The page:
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No Science Jargon Spoken Here
“As scientists, we are trained to speak in jargon and not to think about our audience,” says Smith astronomy professor James Lowenthal. “Bottom line: we need to become better communicators.”
During a recent media interview, Alexandria Brenon ’17 was temporarily stumped when the reporter asked her to identify reliable news sources on climate change.
After drawing a blank for a moment, she recovered and turned her answer into one about real or fake news.
“It’s important to check your sources because there are so many different things being said about climate change,” Brenon noted, as the video camera rolled. “The most important things to read are what scientists have written.”
Her answer won Brenon praise from fellow students in her Astronomy and Public Policy class, where the mock interview took place. While the videotaping was real, the interviewer was actually a staff member of Smith’s College Relations department playing the role of TV reporter.
Professor James Lowenthal designed the Astronomy and Public Policy class with funding from the National Science Foundation.
In addition to media interviews, students in the course have used theater games, practice TED Talks and group critique sessions to help improve how they communicate about science policy issues.
The learning continues this summer, when two students from the Smith class—Allison Erena ’19 and Rikki Hetland ’18—will participate in internships with the Appalachian Mountain Club, giving science talks to visitors at AMC trail lodges in New Hampshire.
An Urgent Challenge in STEM
James Lowenthal, the astronomy professor who designed the Smith course with funding from the National Science Foundation, says closing the information gap between scientists and the public is an urgent challenge in STEM.
“You can’t pick up a newspaper these days without seeing articles about policies informed by scientific research,” Lowenthal says. “But as scientists, we are trained to speak in jargon and not to think about our audience. Bottom line: we need to become better communicators.”
For his course, Lowenthal used a curriculum developed by Stonybrook University’s Alan Alda Center for Communicating Science that harnesses theater techniques to help scientists learn how to make their work more accessible to non-scientists.
Students began the Smith course without knowing that their research on one of three astronomy-related policy issues—global climate change, light pollution and contested mountaintop observatories—would also involve theater games and videotaped interviews.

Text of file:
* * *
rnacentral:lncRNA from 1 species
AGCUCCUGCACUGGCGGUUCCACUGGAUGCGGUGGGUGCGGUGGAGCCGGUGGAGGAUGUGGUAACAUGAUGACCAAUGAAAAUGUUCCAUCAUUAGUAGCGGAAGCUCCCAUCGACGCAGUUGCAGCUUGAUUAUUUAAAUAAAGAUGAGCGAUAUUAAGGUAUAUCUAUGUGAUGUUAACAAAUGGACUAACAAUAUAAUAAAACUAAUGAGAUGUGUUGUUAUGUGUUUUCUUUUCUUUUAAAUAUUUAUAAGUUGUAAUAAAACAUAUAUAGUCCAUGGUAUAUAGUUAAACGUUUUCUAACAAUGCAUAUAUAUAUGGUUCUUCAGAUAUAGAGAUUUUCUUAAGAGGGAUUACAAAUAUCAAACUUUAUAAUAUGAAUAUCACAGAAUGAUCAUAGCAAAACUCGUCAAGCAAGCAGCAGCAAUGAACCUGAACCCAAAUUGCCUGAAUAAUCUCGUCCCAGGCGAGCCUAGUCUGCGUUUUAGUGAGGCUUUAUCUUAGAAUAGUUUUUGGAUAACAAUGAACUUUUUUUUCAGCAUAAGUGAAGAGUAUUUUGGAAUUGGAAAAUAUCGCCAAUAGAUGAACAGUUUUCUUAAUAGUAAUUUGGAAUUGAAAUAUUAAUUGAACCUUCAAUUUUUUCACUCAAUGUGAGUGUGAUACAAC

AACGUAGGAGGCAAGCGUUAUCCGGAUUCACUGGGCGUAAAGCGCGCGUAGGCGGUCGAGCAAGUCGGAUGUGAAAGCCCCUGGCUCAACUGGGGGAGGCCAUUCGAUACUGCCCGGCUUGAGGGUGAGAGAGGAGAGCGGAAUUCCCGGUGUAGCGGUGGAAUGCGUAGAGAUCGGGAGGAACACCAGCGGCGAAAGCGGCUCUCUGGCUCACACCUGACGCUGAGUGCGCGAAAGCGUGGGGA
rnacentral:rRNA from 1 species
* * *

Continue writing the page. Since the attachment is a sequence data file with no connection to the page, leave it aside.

They quickly rose to the challenge, says John Hellweg, Smith professor emeritus of theatre, who helped lead the class through improvisations such as playing an imaginary game of catch and competing in a storytelling relay.
“Improvisation work is vigorous and skill-building,” Hellweg says. “The students were curious and engaged and they jumped right in.”
The Power of Storytelling
Breanna Parker ’18 says encountering theater games in a science class “was a surprise—but a pleasant one!”
“It gave me a new perspective on ways to communicate and interact,” says Parker, who is majoring in environmental science and policy. “This is actually the best science class I’ve taken because of the emphasis on communication.”
Lowenthal—who participated in a two-day workshop run by the Alan Alda Center—says the program teaches the use of narrative to help bring science issues alive for the public.
Storytelling was also a focus of the practice media interviews in his class, which students did in two rounds so they could incorporate suggestions made by their classmates.
Improvements were noticeable. For example, in the second-round interview about her research on light pollution, Anjali Desai ’18 defined the problem right from the start.
“One of the main adverse effects of excess light is that it affects our circadian rhythms and causes sleep disorders,” she told the reporter. “I’ve seen that in my own baby cousins.”
“That was really a different interview,” Lowenthal said, as the camera clicked off.
Desai’s classmates made additional suggestions, including encouraging her to use more personal experiences to get her points across.
“How long does two minutes feel when you’re doing an interview?” Lowenthal asked the group.
Not long at all, students agreed.
“When you’re watching yourself on video, though, that’s when it feels like a year!” Desai said, sparking sympathetic laughter around the room.
Brenon, an astronomy and computer science major, says the course has given her skills that will be useful as she pursues a career as a science professor or as a staff member at a science museum.
“I’ve done some theater, but I am less comfortable about public speaking—especially when it’s my own thoughts,” Brenon says. “This course has definitely made me more confident about that.”